What’s the Worst that Could Happen to your Enterprise’s IoT Devices?

IoT devices enterprise worst that could happen

There are a lot of words that can be used to describe Internet of Things (IoT) devices: interconnected, convenient, and futuristic all come to mind. But perhaps the word that best describes the IoT devices’ market is “growing.” Experts predict there will be approximately 31 billion IoT devices across the globe by 2020 (two short years from now), and approximately 80 billion by 2025.

Yet we’ve written time and time again we’ve written about the endpoint security concerns surrounding the IoT. That so many cybersecurity professionals harbor such fears is not surprising. Only 47% of enterprises believe their enterprise IoT devices are fully secured—34% do not share those beliefs. 10% state they don’t even possess the endpoint security tools to enforce their IoT cybersecurity policies.

But what are the chances of an IoT attack on your enterprise? After all, the most sensational, stranger-than-fiction hacks and attacks on IoT devices seem confined to the consumer realm: talking teddy bears leaking customer data and smart houses being hacked remotely by total strangers, as just a few examples. It must seem far away from the day-to-day concerns of the corporate world.

Really, what’s the worst that could happen to your enterprise because of unsecured IoT devices?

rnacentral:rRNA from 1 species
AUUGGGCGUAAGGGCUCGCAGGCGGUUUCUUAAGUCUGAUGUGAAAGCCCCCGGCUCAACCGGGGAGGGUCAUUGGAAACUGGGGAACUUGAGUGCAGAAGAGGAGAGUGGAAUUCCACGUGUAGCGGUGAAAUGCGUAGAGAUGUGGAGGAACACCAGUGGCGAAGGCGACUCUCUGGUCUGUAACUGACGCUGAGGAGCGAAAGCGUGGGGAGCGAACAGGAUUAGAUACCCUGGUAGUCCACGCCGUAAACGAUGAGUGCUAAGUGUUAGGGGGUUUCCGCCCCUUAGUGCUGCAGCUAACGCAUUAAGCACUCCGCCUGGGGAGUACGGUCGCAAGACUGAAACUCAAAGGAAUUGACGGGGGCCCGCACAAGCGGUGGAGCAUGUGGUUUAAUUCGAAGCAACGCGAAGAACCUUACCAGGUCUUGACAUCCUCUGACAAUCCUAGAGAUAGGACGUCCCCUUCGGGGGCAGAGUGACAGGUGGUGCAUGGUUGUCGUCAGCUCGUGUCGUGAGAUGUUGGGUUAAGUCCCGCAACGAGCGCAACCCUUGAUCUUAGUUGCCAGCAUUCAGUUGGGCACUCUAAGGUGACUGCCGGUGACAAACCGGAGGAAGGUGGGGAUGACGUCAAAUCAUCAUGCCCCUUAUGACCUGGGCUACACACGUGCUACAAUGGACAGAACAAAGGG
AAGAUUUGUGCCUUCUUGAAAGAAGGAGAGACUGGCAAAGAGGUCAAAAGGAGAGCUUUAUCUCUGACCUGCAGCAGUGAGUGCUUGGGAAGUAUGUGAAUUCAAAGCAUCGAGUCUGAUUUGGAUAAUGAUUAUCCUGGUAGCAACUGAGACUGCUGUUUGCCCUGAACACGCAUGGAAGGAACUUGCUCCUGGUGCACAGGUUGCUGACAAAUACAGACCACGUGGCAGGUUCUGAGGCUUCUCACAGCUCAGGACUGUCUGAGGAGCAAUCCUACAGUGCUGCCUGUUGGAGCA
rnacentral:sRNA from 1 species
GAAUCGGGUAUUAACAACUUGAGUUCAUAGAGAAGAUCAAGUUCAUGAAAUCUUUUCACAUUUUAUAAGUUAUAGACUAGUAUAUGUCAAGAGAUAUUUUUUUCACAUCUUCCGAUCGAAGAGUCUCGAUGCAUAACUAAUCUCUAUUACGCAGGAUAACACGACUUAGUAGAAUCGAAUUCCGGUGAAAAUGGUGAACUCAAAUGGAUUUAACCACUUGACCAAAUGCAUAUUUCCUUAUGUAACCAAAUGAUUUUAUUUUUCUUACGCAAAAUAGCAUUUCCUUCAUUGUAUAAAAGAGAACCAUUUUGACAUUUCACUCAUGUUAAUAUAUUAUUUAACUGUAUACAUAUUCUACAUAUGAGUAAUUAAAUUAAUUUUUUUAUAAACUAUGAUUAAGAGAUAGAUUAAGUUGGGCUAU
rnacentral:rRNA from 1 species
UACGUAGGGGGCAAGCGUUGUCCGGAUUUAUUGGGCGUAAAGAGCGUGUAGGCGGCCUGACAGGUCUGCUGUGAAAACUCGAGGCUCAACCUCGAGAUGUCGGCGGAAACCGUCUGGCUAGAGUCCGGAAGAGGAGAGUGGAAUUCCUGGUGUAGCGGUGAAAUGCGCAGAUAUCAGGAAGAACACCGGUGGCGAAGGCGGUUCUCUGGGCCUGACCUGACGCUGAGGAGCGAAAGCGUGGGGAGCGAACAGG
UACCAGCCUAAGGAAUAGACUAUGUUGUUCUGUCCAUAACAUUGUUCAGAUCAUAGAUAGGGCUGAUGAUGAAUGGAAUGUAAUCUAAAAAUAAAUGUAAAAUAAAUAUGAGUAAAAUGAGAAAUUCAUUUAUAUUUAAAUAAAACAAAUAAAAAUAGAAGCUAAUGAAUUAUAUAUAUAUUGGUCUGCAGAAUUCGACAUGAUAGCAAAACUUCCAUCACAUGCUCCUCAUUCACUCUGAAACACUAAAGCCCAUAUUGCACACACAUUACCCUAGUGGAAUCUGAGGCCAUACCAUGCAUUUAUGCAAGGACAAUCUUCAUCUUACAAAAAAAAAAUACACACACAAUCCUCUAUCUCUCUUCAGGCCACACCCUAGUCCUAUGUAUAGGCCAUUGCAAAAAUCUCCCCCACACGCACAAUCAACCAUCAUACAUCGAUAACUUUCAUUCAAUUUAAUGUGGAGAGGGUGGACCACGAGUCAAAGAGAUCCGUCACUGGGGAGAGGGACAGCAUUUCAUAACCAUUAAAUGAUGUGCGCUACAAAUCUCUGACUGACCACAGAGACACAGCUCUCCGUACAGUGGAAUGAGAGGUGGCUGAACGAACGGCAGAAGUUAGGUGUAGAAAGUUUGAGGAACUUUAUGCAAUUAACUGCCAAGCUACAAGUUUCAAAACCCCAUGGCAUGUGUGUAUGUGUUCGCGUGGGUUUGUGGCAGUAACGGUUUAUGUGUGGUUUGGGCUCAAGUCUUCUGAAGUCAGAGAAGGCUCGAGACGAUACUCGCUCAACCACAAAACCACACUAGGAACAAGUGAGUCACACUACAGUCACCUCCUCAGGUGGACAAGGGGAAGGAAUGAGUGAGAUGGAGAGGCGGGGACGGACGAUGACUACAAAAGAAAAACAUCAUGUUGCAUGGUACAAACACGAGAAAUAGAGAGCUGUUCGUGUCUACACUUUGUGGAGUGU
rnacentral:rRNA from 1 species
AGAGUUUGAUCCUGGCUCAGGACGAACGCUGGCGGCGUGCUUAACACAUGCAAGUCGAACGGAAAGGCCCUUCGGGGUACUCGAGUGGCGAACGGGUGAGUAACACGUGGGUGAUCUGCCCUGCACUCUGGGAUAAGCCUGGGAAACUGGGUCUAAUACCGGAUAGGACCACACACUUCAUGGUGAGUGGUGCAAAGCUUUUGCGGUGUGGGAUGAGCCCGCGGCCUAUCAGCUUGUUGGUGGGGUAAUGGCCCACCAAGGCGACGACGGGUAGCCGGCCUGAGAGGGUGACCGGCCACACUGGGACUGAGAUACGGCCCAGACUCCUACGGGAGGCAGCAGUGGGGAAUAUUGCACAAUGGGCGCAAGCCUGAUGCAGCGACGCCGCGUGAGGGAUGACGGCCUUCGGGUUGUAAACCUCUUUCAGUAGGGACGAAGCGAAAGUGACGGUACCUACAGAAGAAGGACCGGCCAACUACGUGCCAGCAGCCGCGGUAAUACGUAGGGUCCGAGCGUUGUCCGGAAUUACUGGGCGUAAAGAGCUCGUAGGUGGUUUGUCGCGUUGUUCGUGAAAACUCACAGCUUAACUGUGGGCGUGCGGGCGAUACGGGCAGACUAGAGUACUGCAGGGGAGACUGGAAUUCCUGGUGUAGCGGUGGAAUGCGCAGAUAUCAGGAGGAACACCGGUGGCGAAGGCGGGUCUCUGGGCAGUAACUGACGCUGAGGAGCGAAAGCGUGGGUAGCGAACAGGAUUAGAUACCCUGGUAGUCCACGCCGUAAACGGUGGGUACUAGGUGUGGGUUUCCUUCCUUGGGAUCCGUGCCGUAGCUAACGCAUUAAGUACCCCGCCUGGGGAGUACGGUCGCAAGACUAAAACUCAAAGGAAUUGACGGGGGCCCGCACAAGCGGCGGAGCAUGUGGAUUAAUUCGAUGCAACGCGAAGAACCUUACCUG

Well…

Unsecured IoT Devices Open New Cybersecurity Holes

There are two similar issues that make up the larger endpoint security problem with IoT devices: legacy devices often have no endpoint security at all, and newer devices are manufactured with convenience and profit prioritized above security. Hackers can easily bypass the rudimentary out-of-the-box endpoint security IoT devices come with—most run on Linux and can be hacked by the same techniques used to hack Linux endpoints.  

In both cases, IoT devices are not designed or configured for cybersecurity monitoring—they often have low visibility compared to other endpoints—so evaluating their endpoint security platforms for relevance and updating them can be a headache for IT security teams.

This means that the IoT devices can easily become glaring security holes in your enterprise’s network. Hackers can and will take advantage of these holes to wreak havoc on your network in creative ways:

  • Cybercriminals can spoof IoT devices’ WiFi connection to directly access your network, bypassing your endpoint security systems.
  • IoT devices may not check SSL certificates, allowing for “man-in-the-middle” attacks. A man-in-the-middle attack occurs when a hacker jumps onto an unsecured IoT device, then uses their position to steal shared data and credentials from other nearby endpoints.
  • Unsecured devices on the Internet of Things can allow hackers to install malware, ransomware, or cryptocurrency mining codes on your network. Furthermore, because of their low visibility, these threats can have a prolonged dwell time as they operate unnoticed.